Statistics 251/551 (Spring 2009)
||Mon, Wed 1:00 - 2:15
| Office hours:
|| after each class, and Thursday 12:30-1:30
||to be arranged if needed
Introduction to the study of random processes, including Markov chains, Markov random fields, martingales, random walks, Brownian motion and diffusions. Techniques in probability, such as coupling and large deviations. Applications to image reconstruction, Bayesian statistics, finance, probabilistic analysis of algorithms, genetics and evolution. After Statistics 241a or equivalent.
The course is aimed at students (both graduate and
undergraduate) who are comfortable with introductory
probability (as covered in Stat 241/541).
The course will be based on a book manuscript written by Joe Chang. I will take some material from each chapter. I will post supplementary notes if I deviate too far from Joe's treatment of any topic.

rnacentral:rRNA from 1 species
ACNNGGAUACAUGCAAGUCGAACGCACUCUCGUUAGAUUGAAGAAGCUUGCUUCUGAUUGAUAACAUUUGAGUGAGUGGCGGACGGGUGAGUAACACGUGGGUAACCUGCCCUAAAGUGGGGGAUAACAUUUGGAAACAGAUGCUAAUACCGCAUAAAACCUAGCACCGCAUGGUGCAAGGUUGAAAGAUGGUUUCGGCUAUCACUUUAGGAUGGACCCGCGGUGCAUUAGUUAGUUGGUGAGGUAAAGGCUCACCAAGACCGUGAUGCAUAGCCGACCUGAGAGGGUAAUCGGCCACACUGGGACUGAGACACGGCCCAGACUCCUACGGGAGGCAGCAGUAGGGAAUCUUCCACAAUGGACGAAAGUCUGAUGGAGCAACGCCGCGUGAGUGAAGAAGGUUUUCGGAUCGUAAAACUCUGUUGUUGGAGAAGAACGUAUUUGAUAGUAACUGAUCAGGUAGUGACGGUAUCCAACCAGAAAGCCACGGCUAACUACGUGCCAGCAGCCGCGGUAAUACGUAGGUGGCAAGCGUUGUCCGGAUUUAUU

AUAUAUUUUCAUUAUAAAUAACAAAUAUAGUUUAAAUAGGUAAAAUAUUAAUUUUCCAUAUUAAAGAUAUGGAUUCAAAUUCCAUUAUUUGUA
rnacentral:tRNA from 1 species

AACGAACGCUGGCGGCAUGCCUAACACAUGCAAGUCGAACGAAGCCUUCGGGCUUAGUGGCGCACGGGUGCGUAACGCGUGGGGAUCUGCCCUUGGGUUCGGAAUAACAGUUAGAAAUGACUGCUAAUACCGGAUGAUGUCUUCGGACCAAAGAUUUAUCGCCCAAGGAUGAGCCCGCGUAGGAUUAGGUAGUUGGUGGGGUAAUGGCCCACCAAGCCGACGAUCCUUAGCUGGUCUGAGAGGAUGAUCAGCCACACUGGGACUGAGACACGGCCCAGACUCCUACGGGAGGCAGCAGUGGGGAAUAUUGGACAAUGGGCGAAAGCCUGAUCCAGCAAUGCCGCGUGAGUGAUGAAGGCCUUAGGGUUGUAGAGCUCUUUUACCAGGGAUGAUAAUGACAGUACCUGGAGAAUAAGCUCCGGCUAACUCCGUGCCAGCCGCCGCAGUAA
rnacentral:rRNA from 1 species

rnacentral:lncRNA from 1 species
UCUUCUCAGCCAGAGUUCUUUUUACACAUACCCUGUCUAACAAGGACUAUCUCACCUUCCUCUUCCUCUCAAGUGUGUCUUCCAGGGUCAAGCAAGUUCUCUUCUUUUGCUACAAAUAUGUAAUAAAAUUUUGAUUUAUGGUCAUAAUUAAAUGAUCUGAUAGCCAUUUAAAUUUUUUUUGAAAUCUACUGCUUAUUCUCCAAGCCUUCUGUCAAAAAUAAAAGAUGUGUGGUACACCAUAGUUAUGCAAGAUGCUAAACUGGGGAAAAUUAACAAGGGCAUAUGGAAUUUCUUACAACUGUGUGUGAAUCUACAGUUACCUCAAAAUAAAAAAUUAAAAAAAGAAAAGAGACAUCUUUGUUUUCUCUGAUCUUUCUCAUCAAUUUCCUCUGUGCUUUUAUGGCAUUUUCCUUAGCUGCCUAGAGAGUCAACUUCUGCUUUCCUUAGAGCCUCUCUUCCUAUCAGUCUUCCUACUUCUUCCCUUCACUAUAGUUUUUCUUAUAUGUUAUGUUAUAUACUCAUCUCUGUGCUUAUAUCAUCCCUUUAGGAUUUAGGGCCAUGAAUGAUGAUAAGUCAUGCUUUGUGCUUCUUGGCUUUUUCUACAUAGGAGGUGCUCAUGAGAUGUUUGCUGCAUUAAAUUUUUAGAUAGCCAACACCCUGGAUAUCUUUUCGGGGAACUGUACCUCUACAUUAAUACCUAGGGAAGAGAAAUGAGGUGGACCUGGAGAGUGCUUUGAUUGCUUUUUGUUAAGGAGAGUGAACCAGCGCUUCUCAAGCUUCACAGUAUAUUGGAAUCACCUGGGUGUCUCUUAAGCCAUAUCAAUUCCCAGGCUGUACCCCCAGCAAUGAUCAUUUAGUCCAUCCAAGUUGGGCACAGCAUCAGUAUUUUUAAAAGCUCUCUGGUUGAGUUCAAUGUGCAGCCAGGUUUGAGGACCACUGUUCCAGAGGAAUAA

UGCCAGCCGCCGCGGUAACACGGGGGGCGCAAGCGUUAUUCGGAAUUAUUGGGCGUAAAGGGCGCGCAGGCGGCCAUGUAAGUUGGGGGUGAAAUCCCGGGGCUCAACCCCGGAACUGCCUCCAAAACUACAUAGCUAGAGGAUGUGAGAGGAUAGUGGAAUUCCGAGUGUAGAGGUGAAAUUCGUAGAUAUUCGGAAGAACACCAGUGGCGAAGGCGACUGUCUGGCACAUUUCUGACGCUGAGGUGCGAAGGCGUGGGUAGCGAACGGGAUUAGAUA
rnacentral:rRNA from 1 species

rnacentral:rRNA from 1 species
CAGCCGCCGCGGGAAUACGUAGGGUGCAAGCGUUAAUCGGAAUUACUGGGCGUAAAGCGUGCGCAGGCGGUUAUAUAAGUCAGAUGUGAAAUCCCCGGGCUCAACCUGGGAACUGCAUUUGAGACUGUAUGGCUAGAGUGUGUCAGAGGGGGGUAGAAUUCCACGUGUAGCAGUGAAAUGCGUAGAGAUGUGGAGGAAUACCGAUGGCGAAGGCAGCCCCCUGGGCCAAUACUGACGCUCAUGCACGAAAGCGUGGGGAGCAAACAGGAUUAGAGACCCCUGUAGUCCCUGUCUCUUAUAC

Basic theory for Markov Chains with finite or countable state spaces: transition probabilities; periodicity; transience and recurrence; stationary distributions; convergence to stationary distributions. [Chang Chapters 1 and 2]
Markov random fields [Chang Chapter 3]
Martingales [Chang Chapter 4]
Brownian Motion and Diffusion [Chang Chapters 5 and 6]
The final grade will be based on the weekly homework plus two take-home exams.
Students who wish to work in teams (no more than 2 to a team)
should submit a single a solution set. All members of a team will be
expected to understand the team's solutions sufficiently well to
explain the reasoning at the blackboard. Occasional meetings with DP
will be arranged.
Homework due each Monday.
Class materials for an introductory probability course
Fall 2005), containing more extensive elementary discussion of
See, in particular, the first two chapters, on (conditional) probability and (conditional) expectations.